Re:Almost makes sense... (1)

Anonymous Coward | more than 3 years ago | (#36265322)

Mod parent +1 good analogy

Re:Almost makes sense... (0)

Anonymous Coward | more than 3 years ago | (#36265440)

Every individual on that trading floor is a market maker and uses their personal accounts to make markets. There is a conflict of interest there that has been allowed since the beginning. The Specialists on the floor control the entire economy and control every movement of their stocks. They collude with each other as well and have breaking news about their companies before anyone else. They are also privy to insider information.

If the market panic sells, and they want the stock to stay up, they just absorb the selling. If they want it down, they use the short sale. They don't even have to borrow the stock to initiate a short position closed during the trading session.

Just simply moving the price through pivot points is usually enough to nudge it into moving on its own.

These activities are why the market is confusing... Why sometimes the most devastating news doesn't bring a stock down much and why sometimes they shoot to the moon over something trivial.

Surely ./ readers aren't going to come out and say that the government would never allow this kind of behavior.

http://www.bearfactsspecialistreport.com/

Re:Almost makes sense... (1)

Princeofcups (150855) | more than 3 years ago | (#36265442)

NYSE is an exchange company. They are not investors, they do not tell banks to accept bad loans, and don't really do much of anything that caused the recession. Blaming NYSE is like blaming Ford for a bank robbery, because the robbers drove a Ford getaway car.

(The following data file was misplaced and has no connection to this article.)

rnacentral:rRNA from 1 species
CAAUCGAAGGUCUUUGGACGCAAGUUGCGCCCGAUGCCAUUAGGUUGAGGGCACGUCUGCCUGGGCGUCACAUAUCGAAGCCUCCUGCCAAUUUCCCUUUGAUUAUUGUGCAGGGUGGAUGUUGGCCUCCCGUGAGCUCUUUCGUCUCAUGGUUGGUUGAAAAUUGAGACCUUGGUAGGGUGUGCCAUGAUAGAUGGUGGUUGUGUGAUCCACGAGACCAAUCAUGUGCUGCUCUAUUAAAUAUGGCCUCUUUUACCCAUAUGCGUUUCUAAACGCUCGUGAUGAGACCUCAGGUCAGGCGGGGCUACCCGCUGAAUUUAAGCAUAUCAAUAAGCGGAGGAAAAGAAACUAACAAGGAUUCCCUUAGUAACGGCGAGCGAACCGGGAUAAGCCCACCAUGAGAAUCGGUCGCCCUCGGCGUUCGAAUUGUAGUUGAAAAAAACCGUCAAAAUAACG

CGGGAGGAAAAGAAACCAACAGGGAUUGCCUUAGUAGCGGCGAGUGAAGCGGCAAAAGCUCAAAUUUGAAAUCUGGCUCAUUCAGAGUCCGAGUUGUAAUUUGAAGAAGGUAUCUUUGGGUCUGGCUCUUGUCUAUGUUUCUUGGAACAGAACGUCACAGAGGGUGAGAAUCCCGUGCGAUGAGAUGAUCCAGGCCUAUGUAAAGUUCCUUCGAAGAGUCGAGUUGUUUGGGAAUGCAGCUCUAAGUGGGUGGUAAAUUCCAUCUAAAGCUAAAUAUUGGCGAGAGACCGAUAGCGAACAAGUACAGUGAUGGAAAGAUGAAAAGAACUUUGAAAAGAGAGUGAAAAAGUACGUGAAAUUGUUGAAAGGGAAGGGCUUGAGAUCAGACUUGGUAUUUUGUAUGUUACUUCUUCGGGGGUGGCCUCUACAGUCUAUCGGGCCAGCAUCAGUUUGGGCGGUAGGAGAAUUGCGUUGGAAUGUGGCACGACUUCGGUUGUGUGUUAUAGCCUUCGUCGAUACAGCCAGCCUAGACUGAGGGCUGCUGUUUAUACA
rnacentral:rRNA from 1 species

They are also a publicly traded company. That right there is the problem. It's like blaming Ford for a bank robbery because the executives at Ford are band robbers.

Re:Almost makes sense... (1)

Coren22 (1625475) | more than 3 years ago | (#36265782)

because the executives at Ford are band robbers.

Isn't band robbery what the RIAA organizations engage in?

Do they allow high frequency trading? (1)

jeti (105266) | more than 3 years ago | (#36265538)

If they allow high frequency trading, they're making a profit from destabilizing the economy. It's time for a tax on transactions.

Re:Do they allow high frequency trading? (1)

rilian4 (591569) | more than 3 years ago | (#36265730)

Obvious Liberal Democrat alert...
Can't help but tax everything.

Re:Do they allow high frequency trading? (0)

Anonymous Coward | more than 3 years ago | (#36265910)

I'm no liberal democrat, and I already pay enough taxes, but I like the goal here.

Stock trading is clearly a vital way to it possible for companies big enough to make things like cars and jumbo jets and nuclear reactors to raise capital. On the other hand, I think the rapid trading and treating it like a night at the casino rather than as a partner in a company is probably overall a bad thing. (Some economist can try to convince me otherwise.)

It would seem that adding some cost and/or delay to trading would go a long way to reducing volatility and encourage more reasonble long-term investment behavior. A per transaction tax is a pretty obvious way to do it, although I would prefer a non-tax method of achieving the same end.

Re:Do they allow high frequency trading? (0)

Anonymous Coward | more than 3 years ago | (#36266004)

One more thing - maybe we could get rid of the capital gains tax and replace it with a transaction tax.

I think that would be a win-win without an overall increase in taxes.
 

Re:Almost makes sense... (2)

equex (747231) | more than 3 years ago | (#36265604)